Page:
noun, plural (especially collectively) stock·fish, (especially referring to two or more kinds or species) stock·fish·es.

fish, as the cod or haddock, cured by splitting and drying in the air without salt.

Origin of stockfish

1250–1300; Middle English stocfish < Middle Dutch stocvisch. See stock, fish Unabridged Based on the Random House Unabridged Dictionary, © Random House, Inc. 2019

Examples from the Web for stockfish

Historical Examples of stockfish

  • What withered reed of courtesy, what stockfish of gallantry, may this be?

    Captain Ravenshaw

    Robert Neilson Stephens

  • That is full of old armour, and dried herrings, and stockfish.

    Grisly Grisell

    Charlotte M. Yonge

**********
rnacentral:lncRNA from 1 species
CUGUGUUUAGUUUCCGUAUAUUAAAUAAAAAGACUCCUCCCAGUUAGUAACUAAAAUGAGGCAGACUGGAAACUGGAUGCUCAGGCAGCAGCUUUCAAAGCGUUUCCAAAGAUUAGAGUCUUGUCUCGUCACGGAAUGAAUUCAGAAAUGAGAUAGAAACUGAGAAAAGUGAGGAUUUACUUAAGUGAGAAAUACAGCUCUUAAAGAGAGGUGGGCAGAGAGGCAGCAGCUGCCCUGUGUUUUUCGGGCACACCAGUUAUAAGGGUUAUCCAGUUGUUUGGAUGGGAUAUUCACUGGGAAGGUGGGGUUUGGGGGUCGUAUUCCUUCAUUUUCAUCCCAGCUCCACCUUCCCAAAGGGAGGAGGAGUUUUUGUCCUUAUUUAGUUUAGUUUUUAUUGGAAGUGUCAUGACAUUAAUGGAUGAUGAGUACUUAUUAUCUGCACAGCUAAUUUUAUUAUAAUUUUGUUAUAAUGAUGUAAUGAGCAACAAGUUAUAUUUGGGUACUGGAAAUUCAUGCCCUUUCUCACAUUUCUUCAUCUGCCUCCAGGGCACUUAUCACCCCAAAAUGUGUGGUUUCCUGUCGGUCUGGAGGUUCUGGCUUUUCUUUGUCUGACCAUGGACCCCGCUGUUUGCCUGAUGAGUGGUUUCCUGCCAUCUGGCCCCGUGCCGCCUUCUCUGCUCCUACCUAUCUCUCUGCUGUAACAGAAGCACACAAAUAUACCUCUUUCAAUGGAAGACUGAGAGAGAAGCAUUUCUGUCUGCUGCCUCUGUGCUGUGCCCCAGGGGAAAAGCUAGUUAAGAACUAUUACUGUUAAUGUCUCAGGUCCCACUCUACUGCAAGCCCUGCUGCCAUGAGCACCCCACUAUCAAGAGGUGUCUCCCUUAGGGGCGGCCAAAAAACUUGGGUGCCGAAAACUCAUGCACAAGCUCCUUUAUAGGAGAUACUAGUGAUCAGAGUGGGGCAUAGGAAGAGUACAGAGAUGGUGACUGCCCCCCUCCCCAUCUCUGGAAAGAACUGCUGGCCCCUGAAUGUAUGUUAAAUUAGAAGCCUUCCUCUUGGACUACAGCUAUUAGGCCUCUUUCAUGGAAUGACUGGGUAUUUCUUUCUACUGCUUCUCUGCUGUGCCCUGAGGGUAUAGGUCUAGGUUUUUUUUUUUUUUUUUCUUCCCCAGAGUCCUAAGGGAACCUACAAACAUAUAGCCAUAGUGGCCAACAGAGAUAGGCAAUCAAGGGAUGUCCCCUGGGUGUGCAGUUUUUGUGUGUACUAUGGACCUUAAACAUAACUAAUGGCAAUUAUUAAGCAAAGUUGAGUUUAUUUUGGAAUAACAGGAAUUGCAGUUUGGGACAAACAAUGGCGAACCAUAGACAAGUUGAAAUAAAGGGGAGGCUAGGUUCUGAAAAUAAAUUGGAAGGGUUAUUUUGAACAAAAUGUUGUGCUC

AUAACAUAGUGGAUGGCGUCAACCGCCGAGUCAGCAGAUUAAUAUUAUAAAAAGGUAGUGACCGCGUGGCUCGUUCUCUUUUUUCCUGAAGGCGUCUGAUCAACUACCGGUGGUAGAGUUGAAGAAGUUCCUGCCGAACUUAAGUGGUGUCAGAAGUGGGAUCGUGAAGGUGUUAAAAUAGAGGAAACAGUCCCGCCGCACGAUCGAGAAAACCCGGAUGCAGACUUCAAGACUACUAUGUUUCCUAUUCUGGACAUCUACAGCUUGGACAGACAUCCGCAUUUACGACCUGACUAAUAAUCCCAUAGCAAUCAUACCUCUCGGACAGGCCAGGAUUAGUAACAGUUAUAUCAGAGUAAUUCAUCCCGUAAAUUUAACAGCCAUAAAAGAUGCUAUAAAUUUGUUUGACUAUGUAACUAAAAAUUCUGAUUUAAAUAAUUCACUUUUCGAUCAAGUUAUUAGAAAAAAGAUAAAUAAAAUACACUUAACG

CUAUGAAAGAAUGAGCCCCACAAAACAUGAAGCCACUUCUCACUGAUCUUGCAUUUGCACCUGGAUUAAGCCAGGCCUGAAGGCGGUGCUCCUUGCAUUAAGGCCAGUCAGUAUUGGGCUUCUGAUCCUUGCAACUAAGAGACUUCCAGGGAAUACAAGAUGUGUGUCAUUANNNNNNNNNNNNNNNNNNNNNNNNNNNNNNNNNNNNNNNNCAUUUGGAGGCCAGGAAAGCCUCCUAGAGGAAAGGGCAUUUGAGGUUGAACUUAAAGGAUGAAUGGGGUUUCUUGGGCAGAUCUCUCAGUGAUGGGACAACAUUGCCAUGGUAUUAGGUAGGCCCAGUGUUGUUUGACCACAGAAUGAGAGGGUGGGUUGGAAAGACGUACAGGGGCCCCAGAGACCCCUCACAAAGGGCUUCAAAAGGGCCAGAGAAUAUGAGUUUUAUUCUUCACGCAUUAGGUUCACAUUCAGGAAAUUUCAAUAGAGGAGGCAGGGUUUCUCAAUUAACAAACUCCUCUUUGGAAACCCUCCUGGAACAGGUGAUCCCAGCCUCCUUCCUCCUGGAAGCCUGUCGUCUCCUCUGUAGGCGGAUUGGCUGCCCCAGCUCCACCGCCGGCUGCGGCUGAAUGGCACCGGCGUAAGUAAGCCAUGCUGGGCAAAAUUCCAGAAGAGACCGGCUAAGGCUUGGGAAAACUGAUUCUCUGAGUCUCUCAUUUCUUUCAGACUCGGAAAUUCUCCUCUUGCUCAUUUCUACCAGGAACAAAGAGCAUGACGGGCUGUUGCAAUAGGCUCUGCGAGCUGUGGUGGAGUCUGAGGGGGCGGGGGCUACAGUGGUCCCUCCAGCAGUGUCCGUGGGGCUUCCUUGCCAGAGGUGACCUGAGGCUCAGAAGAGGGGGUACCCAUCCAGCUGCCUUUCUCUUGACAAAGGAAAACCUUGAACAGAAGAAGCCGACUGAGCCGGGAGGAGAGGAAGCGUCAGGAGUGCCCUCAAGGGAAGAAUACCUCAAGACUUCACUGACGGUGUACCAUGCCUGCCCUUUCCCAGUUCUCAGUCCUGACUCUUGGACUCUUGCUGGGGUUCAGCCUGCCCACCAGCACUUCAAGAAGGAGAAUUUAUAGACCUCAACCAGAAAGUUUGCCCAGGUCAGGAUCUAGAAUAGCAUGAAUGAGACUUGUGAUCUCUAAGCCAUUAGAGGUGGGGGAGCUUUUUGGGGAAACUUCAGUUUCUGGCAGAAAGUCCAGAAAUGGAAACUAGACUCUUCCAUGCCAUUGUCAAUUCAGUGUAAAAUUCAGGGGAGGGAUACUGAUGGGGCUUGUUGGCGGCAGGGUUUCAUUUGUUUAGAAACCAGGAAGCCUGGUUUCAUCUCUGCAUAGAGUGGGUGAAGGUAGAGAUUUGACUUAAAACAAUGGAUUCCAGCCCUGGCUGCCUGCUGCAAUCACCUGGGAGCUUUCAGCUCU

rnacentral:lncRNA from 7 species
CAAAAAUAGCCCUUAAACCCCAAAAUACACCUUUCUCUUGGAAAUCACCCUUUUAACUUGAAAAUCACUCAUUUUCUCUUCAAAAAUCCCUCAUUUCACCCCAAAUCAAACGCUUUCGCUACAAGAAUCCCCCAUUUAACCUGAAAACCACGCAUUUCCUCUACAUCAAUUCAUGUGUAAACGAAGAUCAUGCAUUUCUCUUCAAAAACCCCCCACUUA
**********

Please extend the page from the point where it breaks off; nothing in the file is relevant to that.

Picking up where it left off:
• When the summer was far gone, he went out to Snowfellness to get him stockfish.

    The Story of Grettir The Strong

    Translated by Eirikr Magnusson and William Morris

  • You have been held too long in this miserable suspension, neither maid nor wife, neither woman nor stockfish.

  • The stockfish is a dried and cured cod, split open and with the head removed.

    A Complete Guide to Heraldry

    Arthur Charles Fox-Davies

British Dictionary definitions for stockfish


noun plural -fish or -fishes

fish, such as cod or haddock, cured by splitting and drying in the air

Word Origin for stockfish

C13: of uncertain origin. Perhaps from stock (in the sense: stem, tree trunk) because it was dried on wooden racks. Compare Middle Dutch stocvisch
Collins English Dictionary - Complete & Unabridged 2012 Digital Edition © William Collins Sons & Co. Ltd. 1979, 1986 © HarperCollins Publishers 1998, 2000, 2003, 2005, 2006, 2007, 2009, 2012